Montreal (Quebec), April 23, 2020 – Canada’s trust story is in many ways stable and strong. However, the 2020 Proof CanTrust Index, one of the largest and deepest studies of trust in Canada and commissioned by Capital-Image’s English Canada partner agency Proof, suggests there is significant room for improvement in many areas. The current period of disruption and uncertainty due to the pandemic amplifies both the positive and the negative aspects of leadership in the country.
“The current crisis is putting trust to the test because business leaders have never before had to face challenges of this scope,” said Silvie Letendre, President and General Manager of Capital-Image. “We know that credibility increases the level of trust when it is based on integrity. In this regard, the 2020 CanTrust Index shows that 64% of Canadians believe that having a leader who communicates openly is fundamental.”
Low trust in Canada, but higher for Quebecers and those over 50
Once again, this year Quebec ranks among the Canadian regions with the highest level of overall trust (44%), just behind the Atlantic provinces. Those two regions together lead the other Canadian provinces by a huge margin when it comes to having confidence in the not-for-profit organizations, the media, small and medium size companies, governments and large corporations. This may be due to a deeper feeling of attachment toward their communities, businesses and institutions.
However, it is concerning that Canadians’ overall trust remains low in many areas. This year, the CanTrust Index sits at 38% across Canada, a one per cent drop from last year and down 7% from the initial survey in 2016. Nevertheless, overall trust reaches up to 55% among those who have a higher disposition to trust (for example, newer Canadians and people of over the age of 50).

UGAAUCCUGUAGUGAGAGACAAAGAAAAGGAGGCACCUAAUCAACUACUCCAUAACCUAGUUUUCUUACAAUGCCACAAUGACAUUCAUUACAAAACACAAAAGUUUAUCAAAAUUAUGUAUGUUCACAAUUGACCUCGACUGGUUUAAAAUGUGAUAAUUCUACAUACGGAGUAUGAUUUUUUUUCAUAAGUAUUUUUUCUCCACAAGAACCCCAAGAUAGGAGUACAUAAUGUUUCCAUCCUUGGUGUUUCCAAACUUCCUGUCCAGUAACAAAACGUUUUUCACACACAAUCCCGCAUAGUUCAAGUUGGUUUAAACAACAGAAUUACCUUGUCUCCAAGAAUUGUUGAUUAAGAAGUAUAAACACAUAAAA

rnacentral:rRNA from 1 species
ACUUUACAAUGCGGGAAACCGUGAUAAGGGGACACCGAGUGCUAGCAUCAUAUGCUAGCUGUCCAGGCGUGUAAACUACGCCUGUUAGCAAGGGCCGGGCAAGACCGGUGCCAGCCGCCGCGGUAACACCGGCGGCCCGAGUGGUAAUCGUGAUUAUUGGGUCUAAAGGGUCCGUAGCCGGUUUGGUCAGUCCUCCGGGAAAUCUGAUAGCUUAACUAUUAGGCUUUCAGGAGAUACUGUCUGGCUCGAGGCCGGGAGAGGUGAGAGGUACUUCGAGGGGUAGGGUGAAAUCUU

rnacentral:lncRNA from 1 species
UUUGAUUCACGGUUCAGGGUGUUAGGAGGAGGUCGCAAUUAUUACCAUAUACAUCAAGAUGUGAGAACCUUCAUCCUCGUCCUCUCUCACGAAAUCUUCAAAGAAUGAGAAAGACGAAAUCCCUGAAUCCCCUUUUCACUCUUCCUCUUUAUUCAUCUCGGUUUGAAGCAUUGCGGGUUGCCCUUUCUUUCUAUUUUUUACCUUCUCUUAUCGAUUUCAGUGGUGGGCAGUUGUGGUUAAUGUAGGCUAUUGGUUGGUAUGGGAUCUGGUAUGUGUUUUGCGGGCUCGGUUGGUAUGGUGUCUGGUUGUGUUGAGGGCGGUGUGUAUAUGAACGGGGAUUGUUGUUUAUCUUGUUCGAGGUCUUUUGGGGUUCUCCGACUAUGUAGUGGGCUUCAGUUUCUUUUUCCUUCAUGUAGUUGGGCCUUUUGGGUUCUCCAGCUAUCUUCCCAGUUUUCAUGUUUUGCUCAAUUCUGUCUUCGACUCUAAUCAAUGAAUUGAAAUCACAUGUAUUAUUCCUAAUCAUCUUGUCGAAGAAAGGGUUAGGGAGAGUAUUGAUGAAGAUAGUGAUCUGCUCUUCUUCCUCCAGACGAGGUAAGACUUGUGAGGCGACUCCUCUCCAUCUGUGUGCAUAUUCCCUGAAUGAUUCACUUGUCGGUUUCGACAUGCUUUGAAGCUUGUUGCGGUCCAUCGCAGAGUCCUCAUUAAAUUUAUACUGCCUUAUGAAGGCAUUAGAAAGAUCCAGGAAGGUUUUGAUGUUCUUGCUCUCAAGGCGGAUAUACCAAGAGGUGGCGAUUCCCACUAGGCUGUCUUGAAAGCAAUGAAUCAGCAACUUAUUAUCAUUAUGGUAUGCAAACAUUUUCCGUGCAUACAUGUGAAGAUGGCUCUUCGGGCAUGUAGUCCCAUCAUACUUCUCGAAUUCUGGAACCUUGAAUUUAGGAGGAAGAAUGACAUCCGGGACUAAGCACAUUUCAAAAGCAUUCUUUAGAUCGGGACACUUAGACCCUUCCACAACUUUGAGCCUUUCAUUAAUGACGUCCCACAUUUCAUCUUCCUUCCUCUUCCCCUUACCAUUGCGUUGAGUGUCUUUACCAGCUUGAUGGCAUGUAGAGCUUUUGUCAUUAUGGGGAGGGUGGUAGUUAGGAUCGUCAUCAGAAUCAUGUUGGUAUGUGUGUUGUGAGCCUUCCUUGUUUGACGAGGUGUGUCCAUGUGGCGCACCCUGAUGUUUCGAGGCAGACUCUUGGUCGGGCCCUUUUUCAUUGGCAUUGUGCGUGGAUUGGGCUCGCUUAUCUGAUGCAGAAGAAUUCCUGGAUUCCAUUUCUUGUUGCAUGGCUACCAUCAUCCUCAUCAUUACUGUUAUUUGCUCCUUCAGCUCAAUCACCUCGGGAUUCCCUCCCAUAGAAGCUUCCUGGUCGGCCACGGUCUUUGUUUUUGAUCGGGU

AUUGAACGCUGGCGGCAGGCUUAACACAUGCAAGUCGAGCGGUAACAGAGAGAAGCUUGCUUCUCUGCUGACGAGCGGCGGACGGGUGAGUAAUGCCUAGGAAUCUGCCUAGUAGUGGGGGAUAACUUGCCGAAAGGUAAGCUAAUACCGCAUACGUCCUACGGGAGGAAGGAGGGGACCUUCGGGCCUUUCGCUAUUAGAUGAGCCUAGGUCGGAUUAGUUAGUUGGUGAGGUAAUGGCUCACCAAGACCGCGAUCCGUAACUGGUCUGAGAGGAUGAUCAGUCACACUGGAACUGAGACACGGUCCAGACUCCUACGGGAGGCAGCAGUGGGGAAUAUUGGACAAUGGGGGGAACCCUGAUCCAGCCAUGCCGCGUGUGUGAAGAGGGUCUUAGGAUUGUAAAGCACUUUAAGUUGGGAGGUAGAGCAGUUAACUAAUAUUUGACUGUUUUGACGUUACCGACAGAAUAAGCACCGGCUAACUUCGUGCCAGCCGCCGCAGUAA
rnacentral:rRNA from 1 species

Trust in senior executives declining
A particularly concerning fact, especially now, is the diminishing level of trust in business leaders. Trust in CEOs has fallen 17 percentage points from 55% in 2018 to 38% in 2020. Employees give their employer just a C grade when asked about CEOs’ efforts to build trust internally and the further removed employees are from the C-suite, the lower they rate their employer. In addition, when Canadians were asked who they trust as sources of reliable information, senior business executives were trusted by only 28%.
Although senior management must always remember to walk-the-talk, employees are generally more inclined to trust their direct manager. This means that it is in senior executives’ best interest to earn the trust of middle managers and then empower them to build the trust capacity throughout the organization. The way leaders and businesses act now will hold a lot of weight in determining the public’s level of confidence going forward. The most agile teams will be better prepared to navigate uncertainty and thus generally will be the ones with the highest trust level. Therefore, our leaders have a responsibility to better understand the mechanism of building trust in order to be more adept at establishing it.